This brings us back to Mr. Kanaa and his swim routine.

As he engages in this aerobic exercise, he’s strengthening the most important muscle in the body: the heart. As his heart contracts more, it becomes more efficient at pumping, leading to better blood flow throughout his body. For about 3-4 hours a week, he’s basically asking his heart to do a fast, forceful sweep through his arteries to get oxygen and nutrients to the rest of his body.

The reason his arteries are able to do this so well is because swimming (and similar exercises) helps to keep them flexible and in good shape. This is similar to a ballerina who maintains her flexibility by practicing every day. As the saying goes, ‘if you don’t use it, you lose it.’ If Mr. Kanaa does this often enough (the typical recommendation is 150 minutes a week), a scenario in which plaque build-up is prevented, stalled or reversed is more likely to occur.

Swimming can work wonders on your heart and overall health. Even if the benefits weren’t as remarkable, Mr. Kanaa would probably still swim just as often. Without a pool, he’s a fish out of water.

If you don’t know how to swim, have no fear! We have swim lessons for people six months and older. Visit our programs page to learn more.

February is American Heart Month. We encourage you to take actions today that will keep your heart happy and get you where you want to go on your personal health journey. If you’re considering adding swimming or another aerobic exercise to your current workout routine, we advise that you consult with your physician beforehand.


1 Bethany, Earlywine Park, Edward L. Gaylord Downtown, Midwest City, Mitch Park, North Side, Rankin, Rockwell Plaza and Stillwater YMCAs.

https://www.health.harvard.edu/newsletter_article/take-the-plunge-for-your-heart

https://health.clevelandclinic.org/swimming-joint-friendly-and-good-for-the-heart/

https://lunginstitute.com/blog/blood-oxygen-level/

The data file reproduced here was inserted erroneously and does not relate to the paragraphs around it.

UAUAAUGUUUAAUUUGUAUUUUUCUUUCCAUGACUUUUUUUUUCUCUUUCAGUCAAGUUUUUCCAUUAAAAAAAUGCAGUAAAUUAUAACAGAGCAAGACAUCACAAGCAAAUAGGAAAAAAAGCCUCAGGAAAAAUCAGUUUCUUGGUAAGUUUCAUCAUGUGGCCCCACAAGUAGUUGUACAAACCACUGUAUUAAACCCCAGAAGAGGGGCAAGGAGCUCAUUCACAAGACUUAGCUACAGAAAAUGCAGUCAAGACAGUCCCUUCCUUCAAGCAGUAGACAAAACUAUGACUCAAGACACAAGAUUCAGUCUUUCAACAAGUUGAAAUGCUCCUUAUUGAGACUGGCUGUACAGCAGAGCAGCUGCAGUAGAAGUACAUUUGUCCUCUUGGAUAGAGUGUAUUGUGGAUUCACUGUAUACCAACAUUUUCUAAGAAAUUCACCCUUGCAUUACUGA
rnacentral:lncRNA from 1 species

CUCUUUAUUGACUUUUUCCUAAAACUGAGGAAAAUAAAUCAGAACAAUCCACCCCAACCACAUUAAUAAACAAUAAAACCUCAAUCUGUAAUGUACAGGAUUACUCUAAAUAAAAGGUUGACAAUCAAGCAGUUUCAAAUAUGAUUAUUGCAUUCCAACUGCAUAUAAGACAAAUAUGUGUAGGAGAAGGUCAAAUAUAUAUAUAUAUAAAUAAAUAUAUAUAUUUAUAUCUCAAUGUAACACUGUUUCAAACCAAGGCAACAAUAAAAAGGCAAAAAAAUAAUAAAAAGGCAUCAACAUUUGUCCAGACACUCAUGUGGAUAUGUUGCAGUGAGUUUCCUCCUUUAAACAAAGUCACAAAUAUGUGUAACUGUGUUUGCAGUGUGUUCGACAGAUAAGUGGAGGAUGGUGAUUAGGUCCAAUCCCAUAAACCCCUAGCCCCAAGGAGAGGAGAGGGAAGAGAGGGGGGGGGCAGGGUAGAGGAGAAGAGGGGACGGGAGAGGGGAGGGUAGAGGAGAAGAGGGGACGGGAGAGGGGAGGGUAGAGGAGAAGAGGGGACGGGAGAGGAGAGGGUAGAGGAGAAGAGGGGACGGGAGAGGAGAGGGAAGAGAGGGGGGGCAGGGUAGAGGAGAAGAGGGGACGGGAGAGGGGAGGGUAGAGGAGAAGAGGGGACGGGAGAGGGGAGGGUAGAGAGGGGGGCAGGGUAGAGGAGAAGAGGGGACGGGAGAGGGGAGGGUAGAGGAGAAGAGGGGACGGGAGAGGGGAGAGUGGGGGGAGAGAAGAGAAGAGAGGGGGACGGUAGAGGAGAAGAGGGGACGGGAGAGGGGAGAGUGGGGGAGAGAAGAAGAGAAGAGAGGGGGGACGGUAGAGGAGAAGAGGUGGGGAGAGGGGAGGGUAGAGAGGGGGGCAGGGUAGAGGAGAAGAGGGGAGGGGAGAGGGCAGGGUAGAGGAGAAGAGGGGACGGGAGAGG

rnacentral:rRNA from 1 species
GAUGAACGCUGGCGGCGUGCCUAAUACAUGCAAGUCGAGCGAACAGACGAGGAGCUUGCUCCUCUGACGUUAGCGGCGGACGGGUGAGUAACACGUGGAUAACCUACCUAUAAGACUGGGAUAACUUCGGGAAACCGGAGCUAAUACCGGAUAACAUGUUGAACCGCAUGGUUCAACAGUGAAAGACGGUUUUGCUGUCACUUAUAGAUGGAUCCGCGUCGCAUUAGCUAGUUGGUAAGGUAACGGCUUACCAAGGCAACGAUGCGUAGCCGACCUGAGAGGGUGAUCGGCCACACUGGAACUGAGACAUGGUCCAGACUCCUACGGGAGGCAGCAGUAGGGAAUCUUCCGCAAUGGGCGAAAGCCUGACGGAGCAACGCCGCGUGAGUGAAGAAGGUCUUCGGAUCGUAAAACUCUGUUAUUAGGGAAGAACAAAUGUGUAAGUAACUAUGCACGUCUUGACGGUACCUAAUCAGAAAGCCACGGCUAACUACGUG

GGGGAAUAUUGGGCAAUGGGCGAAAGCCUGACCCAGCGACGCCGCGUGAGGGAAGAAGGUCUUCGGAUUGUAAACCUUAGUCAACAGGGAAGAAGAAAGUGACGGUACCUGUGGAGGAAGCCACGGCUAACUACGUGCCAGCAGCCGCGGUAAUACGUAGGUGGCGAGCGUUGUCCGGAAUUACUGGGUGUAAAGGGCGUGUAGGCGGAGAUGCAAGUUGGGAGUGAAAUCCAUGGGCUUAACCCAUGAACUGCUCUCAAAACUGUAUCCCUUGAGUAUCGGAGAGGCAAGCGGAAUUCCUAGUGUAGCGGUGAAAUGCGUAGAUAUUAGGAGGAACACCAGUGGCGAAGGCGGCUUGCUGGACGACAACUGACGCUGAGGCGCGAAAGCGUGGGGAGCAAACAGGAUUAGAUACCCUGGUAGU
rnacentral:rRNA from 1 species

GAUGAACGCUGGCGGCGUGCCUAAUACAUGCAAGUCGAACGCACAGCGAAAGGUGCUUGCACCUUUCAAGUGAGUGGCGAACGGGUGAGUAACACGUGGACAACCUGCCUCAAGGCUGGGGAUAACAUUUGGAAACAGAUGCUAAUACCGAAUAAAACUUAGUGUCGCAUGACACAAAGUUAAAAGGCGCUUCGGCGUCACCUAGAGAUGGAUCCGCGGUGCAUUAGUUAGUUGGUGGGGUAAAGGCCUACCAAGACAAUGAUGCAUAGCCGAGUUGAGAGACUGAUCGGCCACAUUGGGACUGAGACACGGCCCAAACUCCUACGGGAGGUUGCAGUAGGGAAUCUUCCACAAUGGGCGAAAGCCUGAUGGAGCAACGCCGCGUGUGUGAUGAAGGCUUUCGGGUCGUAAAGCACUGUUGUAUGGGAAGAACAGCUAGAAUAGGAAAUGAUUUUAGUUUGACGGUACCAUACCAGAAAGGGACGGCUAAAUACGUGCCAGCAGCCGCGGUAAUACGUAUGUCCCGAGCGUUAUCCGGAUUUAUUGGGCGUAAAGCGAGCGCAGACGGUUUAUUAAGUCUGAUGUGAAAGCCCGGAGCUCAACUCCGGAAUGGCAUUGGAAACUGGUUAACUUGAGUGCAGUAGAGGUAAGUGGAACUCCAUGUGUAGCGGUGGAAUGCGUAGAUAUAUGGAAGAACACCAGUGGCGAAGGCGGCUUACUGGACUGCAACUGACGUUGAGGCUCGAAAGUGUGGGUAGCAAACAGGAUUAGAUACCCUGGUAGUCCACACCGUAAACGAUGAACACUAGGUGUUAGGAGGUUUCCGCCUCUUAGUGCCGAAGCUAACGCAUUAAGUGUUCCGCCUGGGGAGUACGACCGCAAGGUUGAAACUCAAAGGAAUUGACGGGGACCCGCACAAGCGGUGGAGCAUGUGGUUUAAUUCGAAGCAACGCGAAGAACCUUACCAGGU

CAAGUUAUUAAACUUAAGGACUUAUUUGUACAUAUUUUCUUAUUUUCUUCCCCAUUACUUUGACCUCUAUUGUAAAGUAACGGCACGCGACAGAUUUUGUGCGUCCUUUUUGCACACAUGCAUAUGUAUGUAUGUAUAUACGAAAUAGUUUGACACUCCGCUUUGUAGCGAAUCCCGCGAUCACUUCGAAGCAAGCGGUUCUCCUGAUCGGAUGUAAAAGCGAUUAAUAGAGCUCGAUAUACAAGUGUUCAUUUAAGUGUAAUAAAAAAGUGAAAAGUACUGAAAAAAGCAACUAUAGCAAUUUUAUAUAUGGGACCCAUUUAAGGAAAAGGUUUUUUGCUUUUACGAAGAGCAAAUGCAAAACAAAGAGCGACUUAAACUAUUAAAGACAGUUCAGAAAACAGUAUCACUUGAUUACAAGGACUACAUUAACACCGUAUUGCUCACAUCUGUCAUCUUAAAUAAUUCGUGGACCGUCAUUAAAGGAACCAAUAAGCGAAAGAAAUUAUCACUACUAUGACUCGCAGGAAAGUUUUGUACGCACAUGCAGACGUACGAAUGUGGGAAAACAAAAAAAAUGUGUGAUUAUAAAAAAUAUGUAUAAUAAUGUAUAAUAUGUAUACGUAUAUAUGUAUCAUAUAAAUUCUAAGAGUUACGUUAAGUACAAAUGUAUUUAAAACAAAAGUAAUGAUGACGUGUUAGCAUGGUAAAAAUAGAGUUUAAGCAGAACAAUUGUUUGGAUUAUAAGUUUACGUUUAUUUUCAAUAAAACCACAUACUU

https://www.nia.nih.gov/health/heart-health-and-aging

 

A Correlation Between Heavy Exercise and Parkinson’s Disease

Most people have grown up learning about the many benefits of exercise. Working out burns calories, reduces the risk of heart disease, improves sleep quality, helps the body manage blood sugar and insulin levels, improves mental health, mood and more. The list goes on and on as far as the eye can see. What most people haven’t grown up learning, however, is that researchers are only beginning to get a more complete picture of exercise’s medicinal benefits.

Earlywine Park YMCA member, Carlene Hammonds, began to research ways to end Parkinson’s disease (PD) when her beloved husband, Rich, was diagnosed with Parkinson’s.

According to the National Institute of Neurological Disorders and Stroke, PD is a long-term degenerative disorder of the central nervous system that mainly affects the motor system. The symptoms usually emerge slowly and, as the disease worsens, non-motor symptoms become more common. 

Carlene’s research led her to a report discussing the correlation between heavy exercise and an improvement in noticeable PD symptoms such as loss of muscle control, trembling, stiffness, slowness and impaired balance.